More than 100 apprenticeships have being created at Sellafield Ltd, the company responsible for decommissioning and cleaning up Europe’s most complex nuclear site.
The new recruits, who are mostly aged between 16 and 18, start on the programme next week and will undergo three and a half years of training with a job in the nuclear industry guaranteed for all who complete their courses.
Sellafield Ltd runs apprenticeships across a range of skills, including electrical, mechanical and business administration.
For the first time this year, it also has programmes in project management and health physics.
The majority of the 113 posts are based at the Sellafield site in West Cumbria, with a further eight new apprentices taking up roles at the company’s office near Warrington, in Cheshire.
Parliamentary Under-Secretary of State for further education, skills and lifelong learning, Matthew Hancock MP, said: “Apprenticeships are a great way for young people to get the skills and training they need for sustainable careers where they’ll have the opportunity to earn a good wage.
“It is fantastic news that Sellafield Ltd is providing opportunities for young people to get the skills they need for a career in the energy sector.
“Big companies have a duty to train and develop local workforces, and I am delighted that Sellafield Ltd is honouring its obligations by investing in a training program which will not only benefit the company long term but which also provides opportunities for young people in the communities in which the company operates.”
The Sellafield site, which opened in the 1940s, was home to the UK’s nuclear weapons program, the world’s first commercial nuclear power reactor and various nuclear fuel storage facilities.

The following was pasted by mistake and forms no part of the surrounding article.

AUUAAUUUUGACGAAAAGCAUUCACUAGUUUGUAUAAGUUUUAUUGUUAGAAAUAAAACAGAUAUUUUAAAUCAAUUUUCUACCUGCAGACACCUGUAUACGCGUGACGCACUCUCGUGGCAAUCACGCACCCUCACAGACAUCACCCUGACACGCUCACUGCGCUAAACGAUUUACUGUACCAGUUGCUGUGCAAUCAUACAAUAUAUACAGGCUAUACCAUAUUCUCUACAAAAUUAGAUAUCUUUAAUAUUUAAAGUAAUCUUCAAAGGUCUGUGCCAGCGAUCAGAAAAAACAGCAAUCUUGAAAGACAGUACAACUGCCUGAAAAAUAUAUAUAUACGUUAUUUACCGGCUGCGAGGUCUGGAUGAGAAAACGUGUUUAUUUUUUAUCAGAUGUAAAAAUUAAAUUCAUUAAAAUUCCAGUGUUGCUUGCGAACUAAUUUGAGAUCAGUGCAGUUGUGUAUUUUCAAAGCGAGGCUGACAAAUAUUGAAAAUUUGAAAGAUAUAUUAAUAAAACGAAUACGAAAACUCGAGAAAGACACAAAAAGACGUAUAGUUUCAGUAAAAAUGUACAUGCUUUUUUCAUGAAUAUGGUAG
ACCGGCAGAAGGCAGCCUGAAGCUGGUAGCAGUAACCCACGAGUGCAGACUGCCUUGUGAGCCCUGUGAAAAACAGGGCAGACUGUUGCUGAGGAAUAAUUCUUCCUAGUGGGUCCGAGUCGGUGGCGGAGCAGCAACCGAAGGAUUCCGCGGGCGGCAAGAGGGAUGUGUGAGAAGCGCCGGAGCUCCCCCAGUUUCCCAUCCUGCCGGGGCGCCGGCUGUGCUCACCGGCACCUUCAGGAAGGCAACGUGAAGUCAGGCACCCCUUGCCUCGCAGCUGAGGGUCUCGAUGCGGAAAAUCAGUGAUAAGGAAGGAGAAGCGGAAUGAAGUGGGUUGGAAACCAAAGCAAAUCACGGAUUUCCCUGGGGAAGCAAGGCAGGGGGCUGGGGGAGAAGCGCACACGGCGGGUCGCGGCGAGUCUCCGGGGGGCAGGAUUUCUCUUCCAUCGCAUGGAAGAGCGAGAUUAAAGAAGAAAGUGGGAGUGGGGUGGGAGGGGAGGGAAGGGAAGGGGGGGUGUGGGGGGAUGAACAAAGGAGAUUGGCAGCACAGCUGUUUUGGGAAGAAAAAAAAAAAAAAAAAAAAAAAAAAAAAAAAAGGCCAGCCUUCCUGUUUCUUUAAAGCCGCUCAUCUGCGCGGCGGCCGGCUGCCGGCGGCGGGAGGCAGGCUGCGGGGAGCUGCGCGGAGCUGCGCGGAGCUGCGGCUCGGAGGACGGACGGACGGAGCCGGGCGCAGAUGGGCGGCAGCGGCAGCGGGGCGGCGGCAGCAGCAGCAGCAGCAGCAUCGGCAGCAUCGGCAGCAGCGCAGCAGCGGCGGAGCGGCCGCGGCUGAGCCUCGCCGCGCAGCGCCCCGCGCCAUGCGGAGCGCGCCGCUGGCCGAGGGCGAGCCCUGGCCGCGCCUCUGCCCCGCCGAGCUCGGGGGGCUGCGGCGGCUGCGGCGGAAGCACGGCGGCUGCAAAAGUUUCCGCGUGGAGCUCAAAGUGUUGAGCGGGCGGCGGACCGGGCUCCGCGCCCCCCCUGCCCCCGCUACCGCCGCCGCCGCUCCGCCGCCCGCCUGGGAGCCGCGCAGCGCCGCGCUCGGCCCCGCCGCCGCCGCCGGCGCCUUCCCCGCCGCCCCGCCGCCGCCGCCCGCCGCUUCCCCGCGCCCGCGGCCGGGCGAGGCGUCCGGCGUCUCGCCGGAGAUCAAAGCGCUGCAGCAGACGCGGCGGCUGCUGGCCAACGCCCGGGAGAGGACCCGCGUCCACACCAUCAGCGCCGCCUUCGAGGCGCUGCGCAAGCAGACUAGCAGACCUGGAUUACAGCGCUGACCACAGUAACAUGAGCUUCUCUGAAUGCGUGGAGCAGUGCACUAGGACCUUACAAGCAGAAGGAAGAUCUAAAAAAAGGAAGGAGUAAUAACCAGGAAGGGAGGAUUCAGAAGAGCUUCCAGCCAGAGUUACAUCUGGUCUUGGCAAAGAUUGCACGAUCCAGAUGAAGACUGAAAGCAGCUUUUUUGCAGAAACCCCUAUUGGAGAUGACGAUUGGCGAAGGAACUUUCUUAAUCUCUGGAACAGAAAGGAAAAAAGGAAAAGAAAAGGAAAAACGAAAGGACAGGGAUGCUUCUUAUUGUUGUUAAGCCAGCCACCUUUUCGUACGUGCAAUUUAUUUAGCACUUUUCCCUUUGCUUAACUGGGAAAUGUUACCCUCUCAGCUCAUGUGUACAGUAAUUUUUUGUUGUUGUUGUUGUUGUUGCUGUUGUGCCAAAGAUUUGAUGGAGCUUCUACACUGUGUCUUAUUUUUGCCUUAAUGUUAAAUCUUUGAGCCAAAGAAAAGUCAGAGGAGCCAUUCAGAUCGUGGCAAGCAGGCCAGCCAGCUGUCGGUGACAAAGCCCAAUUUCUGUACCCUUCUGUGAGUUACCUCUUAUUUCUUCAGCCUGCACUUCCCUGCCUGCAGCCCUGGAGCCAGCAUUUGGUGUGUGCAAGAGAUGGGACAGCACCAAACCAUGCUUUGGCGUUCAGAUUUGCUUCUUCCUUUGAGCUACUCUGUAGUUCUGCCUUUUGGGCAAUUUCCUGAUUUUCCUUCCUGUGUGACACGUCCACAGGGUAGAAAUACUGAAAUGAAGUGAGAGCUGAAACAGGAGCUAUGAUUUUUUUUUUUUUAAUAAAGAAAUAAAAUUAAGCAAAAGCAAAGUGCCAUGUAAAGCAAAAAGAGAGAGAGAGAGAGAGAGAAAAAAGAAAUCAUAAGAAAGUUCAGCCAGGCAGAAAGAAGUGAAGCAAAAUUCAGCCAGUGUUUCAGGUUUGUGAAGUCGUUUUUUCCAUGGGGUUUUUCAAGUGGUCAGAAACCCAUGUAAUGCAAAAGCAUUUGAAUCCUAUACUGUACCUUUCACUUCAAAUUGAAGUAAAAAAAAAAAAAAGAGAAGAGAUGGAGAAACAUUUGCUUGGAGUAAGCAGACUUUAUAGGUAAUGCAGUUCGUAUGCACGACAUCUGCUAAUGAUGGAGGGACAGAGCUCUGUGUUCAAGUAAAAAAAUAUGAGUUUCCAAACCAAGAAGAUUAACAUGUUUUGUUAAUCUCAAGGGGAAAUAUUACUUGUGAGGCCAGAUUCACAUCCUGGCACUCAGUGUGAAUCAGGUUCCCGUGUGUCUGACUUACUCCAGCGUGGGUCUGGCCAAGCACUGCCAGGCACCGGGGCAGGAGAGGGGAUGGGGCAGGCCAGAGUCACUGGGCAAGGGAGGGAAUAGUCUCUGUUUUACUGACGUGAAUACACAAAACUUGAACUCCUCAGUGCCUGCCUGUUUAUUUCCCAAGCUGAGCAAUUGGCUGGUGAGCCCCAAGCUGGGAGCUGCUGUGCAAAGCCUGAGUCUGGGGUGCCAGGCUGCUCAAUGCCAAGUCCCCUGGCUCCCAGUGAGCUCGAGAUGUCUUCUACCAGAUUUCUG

Created by nuclear pioneers, the challenge of cleaning it up has fallen upon the modern generation of nuclear workers, and Sellafield Ltd now employs over 10,000 people.
Managing Director Tony Price said: “People often think of Sellafield and think that we are a decommissioning site which, by definition, should be winding down.
“But the reality is that cleaning up the UK’s nuclear legacy, some of which dates back to the cold war, will take decades to complete, which means there are jobs and opportunities here for many years to come. That’s why we are so keen to invest in a young, local workforce which will be essential to us going forward. This is a record intake for us but apprentice numbers have increased over the last five years, and will continue to.”
Elaine Woodburn, leader Copeland Borough Council Leader, which covers Sellafield, said; “It is positive news that Sellafield is taking on a record number of apprentices in a wider range of specialisms.
“We have long advocated the use of skills from the local area, and Sellafield’s apprentice scheme does just that – setting our young people on the path to a skilled career in the energy sector.
“The opportunities that exist for young people who take part in the scheme are significant, especially when you consider the need for nuclear power stations to help us meet our energy needs in the future alongside the decommissioning work which Sellafield will be undertaking.”